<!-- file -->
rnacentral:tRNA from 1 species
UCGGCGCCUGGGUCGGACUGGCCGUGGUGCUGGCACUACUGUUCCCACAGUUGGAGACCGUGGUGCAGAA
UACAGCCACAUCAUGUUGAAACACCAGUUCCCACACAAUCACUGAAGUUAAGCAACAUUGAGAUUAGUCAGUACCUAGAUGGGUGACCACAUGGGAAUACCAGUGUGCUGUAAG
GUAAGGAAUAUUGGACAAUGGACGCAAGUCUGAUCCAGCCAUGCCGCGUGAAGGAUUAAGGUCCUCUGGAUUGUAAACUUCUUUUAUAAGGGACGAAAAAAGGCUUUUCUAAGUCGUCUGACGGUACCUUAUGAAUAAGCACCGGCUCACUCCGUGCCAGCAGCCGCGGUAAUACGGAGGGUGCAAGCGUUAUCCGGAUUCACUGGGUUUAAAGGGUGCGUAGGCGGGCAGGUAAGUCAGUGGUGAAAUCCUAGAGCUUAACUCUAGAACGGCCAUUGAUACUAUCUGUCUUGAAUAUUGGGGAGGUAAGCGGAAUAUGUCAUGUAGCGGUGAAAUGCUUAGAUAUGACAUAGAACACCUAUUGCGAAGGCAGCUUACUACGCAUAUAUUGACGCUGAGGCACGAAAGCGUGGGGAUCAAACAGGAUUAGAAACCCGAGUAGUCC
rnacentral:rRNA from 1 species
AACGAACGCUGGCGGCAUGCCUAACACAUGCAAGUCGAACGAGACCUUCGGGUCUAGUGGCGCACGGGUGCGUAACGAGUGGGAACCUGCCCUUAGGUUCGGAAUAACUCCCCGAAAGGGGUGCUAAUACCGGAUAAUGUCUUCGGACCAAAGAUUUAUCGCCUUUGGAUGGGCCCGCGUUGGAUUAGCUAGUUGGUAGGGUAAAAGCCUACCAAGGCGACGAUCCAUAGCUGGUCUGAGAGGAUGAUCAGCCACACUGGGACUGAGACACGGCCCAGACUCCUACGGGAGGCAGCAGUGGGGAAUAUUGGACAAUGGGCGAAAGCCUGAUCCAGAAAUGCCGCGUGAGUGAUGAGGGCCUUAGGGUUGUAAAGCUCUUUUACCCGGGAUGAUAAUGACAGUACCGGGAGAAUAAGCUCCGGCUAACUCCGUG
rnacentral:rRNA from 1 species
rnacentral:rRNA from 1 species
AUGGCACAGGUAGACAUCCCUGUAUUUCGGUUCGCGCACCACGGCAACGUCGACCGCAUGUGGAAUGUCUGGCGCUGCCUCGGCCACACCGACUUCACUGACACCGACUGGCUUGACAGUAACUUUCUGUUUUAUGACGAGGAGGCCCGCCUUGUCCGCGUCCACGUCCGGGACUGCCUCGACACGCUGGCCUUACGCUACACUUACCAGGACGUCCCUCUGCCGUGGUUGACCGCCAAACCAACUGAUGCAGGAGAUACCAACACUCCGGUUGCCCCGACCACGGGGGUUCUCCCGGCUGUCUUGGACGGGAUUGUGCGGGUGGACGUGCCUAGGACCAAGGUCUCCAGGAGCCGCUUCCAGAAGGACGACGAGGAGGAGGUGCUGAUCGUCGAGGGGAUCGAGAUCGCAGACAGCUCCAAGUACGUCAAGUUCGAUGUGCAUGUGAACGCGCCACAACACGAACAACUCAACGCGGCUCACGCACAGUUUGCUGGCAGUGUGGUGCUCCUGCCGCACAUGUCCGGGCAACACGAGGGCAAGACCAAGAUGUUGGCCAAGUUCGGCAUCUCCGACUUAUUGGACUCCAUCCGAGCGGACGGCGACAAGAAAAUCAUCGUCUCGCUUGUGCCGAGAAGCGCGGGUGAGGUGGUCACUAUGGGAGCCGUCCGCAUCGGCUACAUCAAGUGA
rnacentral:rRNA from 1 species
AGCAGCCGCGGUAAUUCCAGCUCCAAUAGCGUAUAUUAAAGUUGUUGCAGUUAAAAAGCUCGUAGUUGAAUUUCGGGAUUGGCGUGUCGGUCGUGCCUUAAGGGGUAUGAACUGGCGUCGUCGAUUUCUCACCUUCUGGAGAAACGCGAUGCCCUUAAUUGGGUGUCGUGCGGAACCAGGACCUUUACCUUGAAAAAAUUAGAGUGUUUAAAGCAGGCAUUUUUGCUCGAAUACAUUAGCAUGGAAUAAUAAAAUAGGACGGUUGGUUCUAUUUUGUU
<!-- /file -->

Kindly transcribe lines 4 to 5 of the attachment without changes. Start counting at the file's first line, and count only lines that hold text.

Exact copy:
GUAAGGAAUAUUGGACAAUGGACGCAAGUCUGAUCCAGCCAUGCCGCGUGAAGGAUUAAGGUCCUCUGGAUUGUAAACUUCUUUUAUAAGGGACGAAAAAAGGCUUUUCUAAGUCGUCUGACGGUACCUUAUGAAUAAGCACCGGCUCACUCCGUGCCAGCAGCCGCGGUAAUACGGAGGGUGCAAGCGUUAUCCGGAUUCACUGGGUUUAAAGGGUGCGUAGGCGGGCAGGUAAGUCAGUGGUGAAAUCCUAGAGCUUAACUCUAGAACGGCCAUUGAUACUAUCUGUCUUGAAUAUUGGGGAGGUAAGCGGAAUAUGUCAUGUAGCGGUGAAAUGCUUAGAUAUGACAUAGAACACCUAUUGCGAAGGCAGCUUACUACGCAUAUAUUGACGCUGAGGCACGAAAGCGUGGGGAUCAAACAGGAUUAGAAACCCGAGUAGUCC
rnacentral:rRNA from 1 species